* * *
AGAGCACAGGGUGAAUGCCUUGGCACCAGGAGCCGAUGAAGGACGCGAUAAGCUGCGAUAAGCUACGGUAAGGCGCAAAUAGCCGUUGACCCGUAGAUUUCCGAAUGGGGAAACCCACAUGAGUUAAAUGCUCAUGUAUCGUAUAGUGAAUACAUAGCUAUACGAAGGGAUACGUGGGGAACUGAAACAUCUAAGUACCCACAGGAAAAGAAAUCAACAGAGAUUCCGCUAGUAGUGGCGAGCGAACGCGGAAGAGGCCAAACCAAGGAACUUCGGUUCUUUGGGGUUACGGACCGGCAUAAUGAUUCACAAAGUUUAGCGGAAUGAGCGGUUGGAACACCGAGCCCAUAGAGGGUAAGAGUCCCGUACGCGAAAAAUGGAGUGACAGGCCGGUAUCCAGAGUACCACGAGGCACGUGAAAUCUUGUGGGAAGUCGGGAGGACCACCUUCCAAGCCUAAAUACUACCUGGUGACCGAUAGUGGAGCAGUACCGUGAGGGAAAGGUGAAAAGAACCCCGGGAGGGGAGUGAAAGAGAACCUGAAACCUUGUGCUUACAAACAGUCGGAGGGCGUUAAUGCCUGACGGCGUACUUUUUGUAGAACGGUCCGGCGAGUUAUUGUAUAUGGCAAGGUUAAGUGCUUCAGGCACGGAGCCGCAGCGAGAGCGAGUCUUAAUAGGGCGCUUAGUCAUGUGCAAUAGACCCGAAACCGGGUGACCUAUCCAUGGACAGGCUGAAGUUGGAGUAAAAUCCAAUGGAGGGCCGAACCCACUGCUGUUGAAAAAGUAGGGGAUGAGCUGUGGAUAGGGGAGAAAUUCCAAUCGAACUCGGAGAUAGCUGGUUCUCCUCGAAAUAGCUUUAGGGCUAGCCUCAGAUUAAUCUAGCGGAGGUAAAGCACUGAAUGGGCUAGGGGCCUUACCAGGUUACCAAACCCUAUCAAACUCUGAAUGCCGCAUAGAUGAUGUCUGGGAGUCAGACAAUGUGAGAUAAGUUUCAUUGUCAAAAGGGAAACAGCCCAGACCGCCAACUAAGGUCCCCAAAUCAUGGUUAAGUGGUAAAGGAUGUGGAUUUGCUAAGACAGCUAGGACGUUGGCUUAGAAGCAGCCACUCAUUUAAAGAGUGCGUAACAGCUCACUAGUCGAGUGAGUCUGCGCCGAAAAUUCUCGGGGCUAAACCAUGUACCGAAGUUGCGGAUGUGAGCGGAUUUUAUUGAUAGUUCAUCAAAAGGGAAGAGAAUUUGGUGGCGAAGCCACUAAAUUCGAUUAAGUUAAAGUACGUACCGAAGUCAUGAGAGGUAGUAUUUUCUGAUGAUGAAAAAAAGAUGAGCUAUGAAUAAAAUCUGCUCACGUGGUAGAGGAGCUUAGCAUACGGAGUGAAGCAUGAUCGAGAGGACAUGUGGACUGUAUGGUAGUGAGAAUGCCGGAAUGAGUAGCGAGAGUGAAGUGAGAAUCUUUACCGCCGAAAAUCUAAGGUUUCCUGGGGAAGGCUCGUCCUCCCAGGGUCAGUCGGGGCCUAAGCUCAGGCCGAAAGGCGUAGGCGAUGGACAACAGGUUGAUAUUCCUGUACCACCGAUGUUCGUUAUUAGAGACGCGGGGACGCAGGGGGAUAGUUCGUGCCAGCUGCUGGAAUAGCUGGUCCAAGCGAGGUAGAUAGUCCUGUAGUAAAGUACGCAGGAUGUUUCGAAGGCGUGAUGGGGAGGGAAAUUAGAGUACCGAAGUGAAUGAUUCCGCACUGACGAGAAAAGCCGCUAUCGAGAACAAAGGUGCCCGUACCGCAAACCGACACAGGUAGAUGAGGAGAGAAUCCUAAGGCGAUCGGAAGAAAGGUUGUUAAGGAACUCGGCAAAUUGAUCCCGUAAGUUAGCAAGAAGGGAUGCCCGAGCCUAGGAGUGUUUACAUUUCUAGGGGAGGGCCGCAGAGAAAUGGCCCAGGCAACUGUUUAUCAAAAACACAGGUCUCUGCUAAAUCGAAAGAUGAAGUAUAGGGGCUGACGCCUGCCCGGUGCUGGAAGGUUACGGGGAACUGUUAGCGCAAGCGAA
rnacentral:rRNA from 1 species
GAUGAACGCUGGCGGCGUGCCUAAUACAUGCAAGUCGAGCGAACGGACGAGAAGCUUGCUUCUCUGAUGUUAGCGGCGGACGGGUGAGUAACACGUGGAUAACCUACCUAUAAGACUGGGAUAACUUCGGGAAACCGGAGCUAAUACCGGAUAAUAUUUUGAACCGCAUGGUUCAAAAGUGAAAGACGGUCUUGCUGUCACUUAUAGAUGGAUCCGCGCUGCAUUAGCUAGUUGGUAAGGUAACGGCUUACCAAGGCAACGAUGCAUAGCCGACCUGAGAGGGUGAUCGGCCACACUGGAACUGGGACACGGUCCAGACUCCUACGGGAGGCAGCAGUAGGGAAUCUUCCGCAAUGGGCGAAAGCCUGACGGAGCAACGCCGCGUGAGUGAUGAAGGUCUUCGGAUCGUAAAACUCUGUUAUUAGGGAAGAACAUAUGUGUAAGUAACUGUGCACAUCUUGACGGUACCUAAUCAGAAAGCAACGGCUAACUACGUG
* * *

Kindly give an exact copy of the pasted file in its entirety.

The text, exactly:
AGAGCACAGGGUGAAUGCCUUGGCACCAGGAGCCGAUGAAGGACGCGAUAAGCUGCGAUAAGCUACGGUAAGGCGCAAAUAGCCGUUGACCCGUAGAUUUCCGAAUGGGGAAACCCACAUGAGUUAAAUGCUCAUGUAUCGUAUAGUGAAUACAUAGCUAUACGAAGGGAUACGUGGGGAACUGAAACAUCUAAGUACCCACAGGAAAAGAAAUCAACAGAGAUUCCGCUAGUAGUGGCGAGCGAACGCGGAAGAGGCCAAACCAAGGAACUUCGGUUCUUUGGGGUUACGGACCGGCAUAAUGAUUCACAAAGUUUAGCGGAAUGAGCGGUUGGAACACCGAGCCCAUAGAGGGUAAGAGUCCCGUACGCGAAAAAUGGAGUGACAGGCCGGUAUCCAGAGUACCACGAGGCACGUGAAAUCUUGUGGGAAGUCGGGAGGACCACCUUCCAAGCCUAAAUACUACCUGGUGACCGAUAGUGGAGCAGUACCGUGAGGGAAAGGUGAAAAGAACCCCGGGAGGGGAGUGAAAGAGAACCUGAAACCUUGUGCUUACAAACAGUCGGAGGGCGUUAAUGCCUGACGGCGUACUUUUUGUAGAACGGUCCGGCGAGUUAUUGUAUAUGGCAAGGUUAAGUGCUUCAGGCACGGAGCCGCAGCGAGAGCGAGUCUUAAUAGGGCGCUUAGUCAUGUGCAAUAGACCCGAAACCGGGUGACCUAUCCAUGGACAGGCUGAAGUUGGAGUAAAAUCCAAUGGAGGGCCGAACCCACUGCUGUUGAAAAAGUAGGGGAUGAGCUGUGGAUAGGGGAGAAAUUCCAAUCGAACUCGGAGAUAGCUGGUUCUCCUCGAAAUAGCUUUAGGGCUAGCCUCAGAUUAAUCUAGCGGAGGUAAAGCACUGAAUGGGCUAGGGGCCUUACCAGGUUACCAAACCCUAUCAAACUCUGAAUGCCGCAUAGAUGAUGUCUGGGAGUCAGACAAUGUGAGAUAAGUUUCAUUGUCAAAAGGGAAACAGCCCAGACCGCCAACUAAGGUCCCCAAAUCAUGGUUAAGUGGUAAAGGAUGUGGAUUUGCUAAGACAGCUAGGACGUUGGCUUAGAAGCAGCCACUCAUUUAAAGAGUGCGUAACAGCUCACUAGUCGAGUGAGUCUGCGCCGAAAAUUCUCGGGGCUAAACCAUGUACCGAAGUUGCGGAUGUGAGCGGAUUUUAUUGAUAGUUCAUCAAAAGGGAAGAGAAUUUGGUGGCGAAGCCACUAAAUUCGAUUAAGUUAAAGUACGUACCGAAGUCAUGAGAGGUAGUAUUUUCUGAUGAUGAAAAAAAGAUGAGCUAUGAAUAAAAUCUGCUCACGUGGUAGAGGAGCUUAGCAUACGGAGUGAAGCAUGAUCGAGAGGACAUGUGGACUGUAUGGUAGUGAGAAUGCCGGAAUGAGUAGCGAGAGUGAAGUGAGAAUCUUUACCGCCGAAAAUCUAAGGUUUCCUGGGGAAGGCUCGUCCUCCCAGGGUCAGUCGGGGCCUAAGCUCAGGCCGAAAGGCGUAGGCGAUGGACAACAGGUUGAUAUUCCUGUACCACCGAUGUUCGUUAUUAGAGACGCGGGGACGCAGGGGGAUAGUUCGUGCCAGCUGCUGGAAUAGCUGGUCCAAGCGAGGUAGAUAGUCCUGUAGUAAAGUACGCAGGAUGUUUCGAAGGCGUGAUGGGGAGGGAAAUUAGAGUACCGAAGUGAAUGAUUCCGCACUGACGAGAAAAGCCGCUAUCGAGAACAAAGGUGCCCGUACCGCAAACCGACACAGGUAGAUGAGGAGAGAAUCCUAAGGCGAUCGGAAGAAAGGUUGUUAAGGAACUCGGCAAAUUGAUCCCGUAAGUUAGCAAGAAGGGAUGCCCGAGCCUAGGAGUGUUUACAUUUCUAGGGGAGGGCCGCAGAGAAAUGGCCCAGGCAACUGUUUAUCAAAAACACAGGUCUCUGCUAAAUCGAAAGAUGAAGUAUAGGGGCUGACGCCUGCCCGGUGCUGGAAGGUUACGGGGAACUGUUAGCGCAAGCGAA
rnacentral:rRNA from 1 species
GAUGAACGCUGGCGGCGUGCCUAAUACAUGCAAGUCGAGCGAACGGACGAGAAGCUUGCUUCUCUGAUGUUAGCGGCGGACGGGUGAGUAACACGUGGAUAACCUACCUAUAAGACUGGGAUAACUUCGGGAAACCGGAGCUAAUACCGGAUAAUAUUUUGAACCGCAUGGUUCAAAAGUGAAAGACGGUCUUGCUGUCACUUAUAGAUGGAUCCGCGCUGCAUUAGCUAGUUGGUAAGGUAACGGCUUACCAAGGCAACGAUGCAUAGCCGACCUGAGAGGGUGAUCGGCCACACUGGAACUGGGACACGGUCCAGACUCCUACGGGAGGCAGCAGUAGGGAAUCUUCCGCAAUGGGCGAAAGCCUGACGGAGCAACGCCGCGUGAGUGAUGAAGGUCUUCGGAUCGUAAAACUCUGUUAUUAGGGAAGAACAUAUGUGUAAGUAACUGUGCACAUCUUGACGGUACCUAAUCAGAAAGCAACGGCUAACUACGUG